Person of the day
On this day in 2005, Greek immigrant Theodoros Boulgarides became the seventh victim of the neo-nazi NSU sect in Germany that took 10 lives, in part because of an unwillingness by the police to investigate the murders as a racist crime spree. After he was killed with three shots to the head in his Munich shop, investigators interrogated the locksmith's family for months. Intimidated by the questioning, the family moved back to Greece though they have since resettled in Munich. The trial of the only living NSU member — Beate Zschäpe — is nearing an end in Munich. Source:
Quote of the day
You can't catch me, diplomatic immunity!
Boris Becker, former tennis ace and now sports attaché to the Central African Republic, said on Thursday that his status as a representative for a foreign government exempted him from a UK bankruptcy. Mr. Becker was forced into bankruptcy last year over a cash squabble with private bank Arbuthnot Latham & Co. A London auctioneer is now peddling Becker memorabilia to pay creditors but his lawyers claim the case can only move forward with the approval of the UK foreign secretary as well as the Central African Republic. The ball is in your court, British judiciary!
Graph of the day
Germany hopes to double the number of travelers on its long-distance train network to 280 million per year by 2030, though it's hoping to not have to invest much more per year than it already is. With the success of its new high-speed Berlin-Munich line, Germany's national railway, Deutsche Bahn, may have to expand an order of 119 new ICE 4 trains to meet demand. Even though the ICE 4 trains are being passed by new technology, Deutsche Bahn will likely exercise a right to expand the contract rather than order newer trains because that would require a months-long tender process, slowing delivery.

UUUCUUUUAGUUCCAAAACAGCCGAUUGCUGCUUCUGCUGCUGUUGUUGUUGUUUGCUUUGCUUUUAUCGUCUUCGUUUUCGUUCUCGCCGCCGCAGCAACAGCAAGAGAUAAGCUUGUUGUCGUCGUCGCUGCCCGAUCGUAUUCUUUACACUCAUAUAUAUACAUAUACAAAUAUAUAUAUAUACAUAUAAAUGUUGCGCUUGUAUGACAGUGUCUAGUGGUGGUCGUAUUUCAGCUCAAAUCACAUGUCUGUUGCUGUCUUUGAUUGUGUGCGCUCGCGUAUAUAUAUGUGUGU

Ministerial department of the day
Finance Minister and Deputy Chancellor Olaf Scholz spent part of a two-and-a-half hour budget hearing on Thursday defending his creation of 41 new positions at the finance ministry. The employees work in what is known as "Department L" and advise the minister, a member of the center-left Social Democrats. The new department has been criticized as an unnecessary vice chancellery that could function as a stumbling block for the chancellery itself. Despite filling out his new department with ease, Mr. Scholz has been unable to find candidates for many vacant key positions at his ministry, such as a head of the country's investments and privatizations. By the way, the L stands for "Leitung," or Leadership. Source: